This month, like many others, I find myself juggling a hundred and one things as I prepare and organise the myriad of different services to and within the community here in Caithness. By the time this magazine goes to press I will have conducted four funerals in as many weeks. While not wishing to sound morbid, or put a damper on anyone's lives, funerals and grief are an everyday part of our lives. A number of conversations have arisen as a consequence and have resulted in, I think, a need to put metaphorical pen to paper. So often, deaths seem to occur to other people and when it eventually and inevitably happens to us within our families, we are faced with our own mortality.

As we approach the season of Advent, we are reminded of our transience on this Earth through the liturgical acknowledgements of All Hallows Eve (All Souls), All Hallows Day (All Saints) and Remembrance Sunday. All things that focus our minds on our fragile existence. Like many other things in this world, we can choose not to think about such things. Indeed, in a post-modern society where death is no longer normalised to the extent that it used to be, when faced with such unresolved grief one may not know how to gauge his or her feelings and behaviour. One of the roles of the church is to help normalise this grief. To help those going through grief by being present. Of course, we all wish that we'd had a little bit longer with our loved ones.

The period of the seventeenth- and eighteenth- century Enlightenment combined with modernity has only served to consolidate the ideas of rationalisation, education, and science in our culture as well as a continual relegation and privatisation of faith. The western world with its postmodern ideas is especially confusing at times of bereavement where we are bombarded with a range of understandings and spiritualities.

There are no reference markers for those experiencing bereavement to gauge their grief against, and they may feel disoriented because there is nothing they can do to avoid the inevitable. This lack of control goes against every perceived 'norm' in our society. Once upon a time, Christianity held a special place as it was perceived to be based on objective truths. Now, however, Christianity is no longer the framework by which society is created. One can pick and choose from a plethora of relative truths, which lead to questions when faced with a bereavement.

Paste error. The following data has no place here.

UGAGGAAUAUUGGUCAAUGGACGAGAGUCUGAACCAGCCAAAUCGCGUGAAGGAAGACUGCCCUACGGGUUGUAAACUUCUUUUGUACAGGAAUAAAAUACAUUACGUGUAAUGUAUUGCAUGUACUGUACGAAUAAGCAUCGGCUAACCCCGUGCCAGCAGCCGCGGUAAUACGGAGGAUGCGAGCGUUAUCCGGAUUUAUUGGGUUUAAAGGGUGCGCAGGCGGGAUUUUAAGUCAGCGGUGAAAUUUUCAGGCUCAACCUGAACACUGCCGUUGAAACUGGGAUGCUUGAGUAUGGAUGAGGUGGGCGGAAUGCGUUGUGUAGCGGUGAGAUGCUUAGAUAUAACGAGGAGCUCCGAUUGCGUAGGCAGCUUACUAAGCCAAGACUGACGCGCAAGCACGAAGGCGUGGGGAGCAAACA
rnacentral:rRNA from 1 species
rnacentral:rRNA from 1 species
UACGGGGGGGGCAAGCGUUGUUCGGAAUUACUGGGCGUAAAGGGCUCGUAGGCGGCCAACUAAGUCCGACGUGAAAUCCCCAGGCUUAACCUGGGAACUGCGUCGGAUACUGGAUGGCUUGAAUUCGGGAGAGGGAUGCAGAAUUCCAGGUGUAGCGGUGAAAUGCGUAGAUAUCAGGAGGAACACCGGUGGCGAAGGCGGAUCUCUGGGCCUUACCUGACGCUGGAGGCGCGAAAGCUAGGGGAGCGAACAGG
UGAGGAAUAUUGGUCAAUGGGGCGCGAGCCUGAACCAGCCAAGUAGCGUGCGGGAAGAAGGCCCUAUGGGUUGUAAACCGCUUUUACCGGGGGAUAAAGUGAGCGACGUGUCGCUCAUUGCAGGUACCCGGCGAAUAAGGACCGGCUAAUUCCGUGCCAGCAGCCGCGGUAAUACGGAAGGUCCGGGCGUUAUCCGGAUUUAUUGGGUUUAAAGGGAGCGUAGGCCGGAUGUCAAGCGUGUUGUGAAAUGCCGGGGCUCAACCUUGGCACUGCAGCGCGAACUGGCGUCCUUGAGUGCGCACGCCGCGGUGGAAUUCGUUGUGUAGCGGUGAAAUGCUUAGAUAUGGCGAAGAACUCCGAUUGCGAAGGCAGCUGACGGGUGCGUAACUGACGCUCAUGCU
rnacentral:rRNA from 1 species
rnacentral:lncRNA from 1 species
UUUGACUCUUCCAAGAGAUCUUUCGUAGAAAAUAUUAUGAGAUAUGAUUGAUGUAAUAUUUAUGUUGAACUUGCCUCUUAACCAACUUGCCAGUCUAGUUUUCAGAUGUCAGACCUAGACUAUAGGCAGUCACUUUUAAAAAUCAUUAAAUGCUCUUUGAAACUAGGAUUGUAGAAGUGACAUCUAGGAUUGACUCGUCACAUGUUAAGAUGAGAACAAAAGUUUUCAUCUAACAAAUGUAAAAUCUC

Interest in the transcendent and that which gives meaning and purpose to life is at the heart of the Scottish Episcopal Church's Funeral Rites:

If we live, we live to the Lord,
And if we die, we die to the Lord;
So then, whether we live or whether we die,
We are the Lord's.
For to this end Christ died and lived again,
So that he might be Lord of both the dead and the living.
(Romans 14:8, 9)

We are reminded of the resurrection hope and this is shown in the practice of many churches to pray continually for those who have died - known as their 'year's mind'. The saying, "Rest eternal grant to him/her O Lord. And let light perpetual shine upon him/her", shows how important this practice is. Acknowledging those who have gone before, while accepting that they, and we, are in God's hands.

All Hallows Eve and All Saints are times for the community to come together and remember those saints who have trodden the Earth before us. To remind ourselves that although life may be transient, there is a great deal of good that comes out of our lives before death, and that death is not the end. Then comes Remembrance Sunday. Extended now to remember all those who have fought in all wars across the world, we will be brought together not only as a community in our own towns but across the nation to remind ourselves that they shall grow not old.

The ritual of a ceremony or service or funeral allows each of us to remember and resolve our grief in some way. The words contained therein may help or challenge people as they come to terms with what has happened. Funerals are a statement in which the Christian faith gives meaning to life and to its conclusion in death. The immediacy of one's feelings and experience is a necessary part and path through which God's love and forgiveness is portrayed. And that is the light at the end of the tunnel. God's amazing and unbounded love for every single of us, regardless of where we've been or what we've done. For God so loved the world that he gave his only Son, so that everyone who believes in him may not perish but may have eternal life.